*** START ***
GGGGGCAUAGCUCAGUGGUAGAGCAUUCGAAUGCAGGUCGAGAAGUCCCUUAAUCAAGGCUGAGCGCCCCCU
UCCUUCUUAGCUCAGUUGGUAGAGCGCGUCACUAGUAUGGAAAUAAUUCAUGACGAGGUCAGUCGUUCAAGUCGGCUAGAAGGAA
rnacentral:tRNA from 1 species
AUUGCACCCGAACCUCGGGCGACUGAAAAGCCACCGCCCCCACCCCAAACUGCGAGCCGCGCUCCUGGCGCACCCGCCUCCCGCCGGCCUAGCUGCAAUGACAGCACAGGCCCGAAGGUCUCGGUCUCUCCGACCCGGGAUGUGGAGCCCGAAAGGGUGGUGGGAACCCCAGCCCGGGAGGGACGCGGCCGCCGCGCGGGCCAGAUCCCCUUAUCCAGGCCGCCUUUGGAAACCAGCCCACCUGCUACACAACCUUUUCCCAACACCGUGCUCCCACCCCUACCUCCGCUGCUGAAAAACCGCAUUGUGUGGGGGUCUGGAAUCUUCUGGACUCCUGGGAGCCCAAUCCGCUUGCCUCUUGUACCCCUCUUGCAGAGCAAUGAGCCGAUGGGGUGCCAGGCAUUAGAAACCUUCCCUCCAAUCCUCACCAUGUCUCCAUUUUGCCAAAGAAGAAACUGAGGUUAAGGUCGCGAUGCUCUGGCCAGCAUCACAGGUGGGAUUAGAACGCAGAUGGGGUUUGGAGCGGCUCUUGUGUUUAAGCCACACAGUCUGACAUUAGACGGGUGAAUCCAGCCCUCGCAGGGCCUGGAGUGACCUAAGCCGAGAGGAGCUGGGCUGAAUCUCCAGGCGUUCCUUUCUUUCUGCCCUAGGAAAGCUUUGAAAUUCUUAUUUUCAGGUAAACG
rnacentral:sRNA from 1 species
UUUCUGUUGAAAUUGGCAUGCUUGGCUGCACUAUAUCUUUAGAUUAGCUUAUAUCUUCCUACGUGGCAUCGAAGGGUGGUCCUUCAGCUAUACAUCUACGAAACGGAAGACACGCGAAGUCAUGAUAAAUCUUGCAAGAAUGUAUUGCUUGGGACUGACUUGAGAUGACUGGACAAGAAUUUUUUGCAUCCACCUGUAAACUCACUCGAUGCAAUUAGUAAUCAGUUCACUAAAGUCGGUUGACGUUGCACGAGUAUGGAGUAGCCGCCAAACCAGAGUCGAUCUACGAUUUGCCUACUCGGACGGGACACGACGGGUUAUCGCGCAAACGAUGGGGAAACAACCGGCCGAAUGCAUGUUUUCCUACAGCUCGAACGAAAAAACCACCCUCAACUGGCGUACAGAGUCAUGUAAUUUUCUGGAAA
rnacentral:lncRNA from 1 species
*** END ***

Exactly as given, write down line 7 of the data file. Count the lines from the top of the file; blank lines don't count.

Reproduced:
rnacentral:lncRNA from 1 species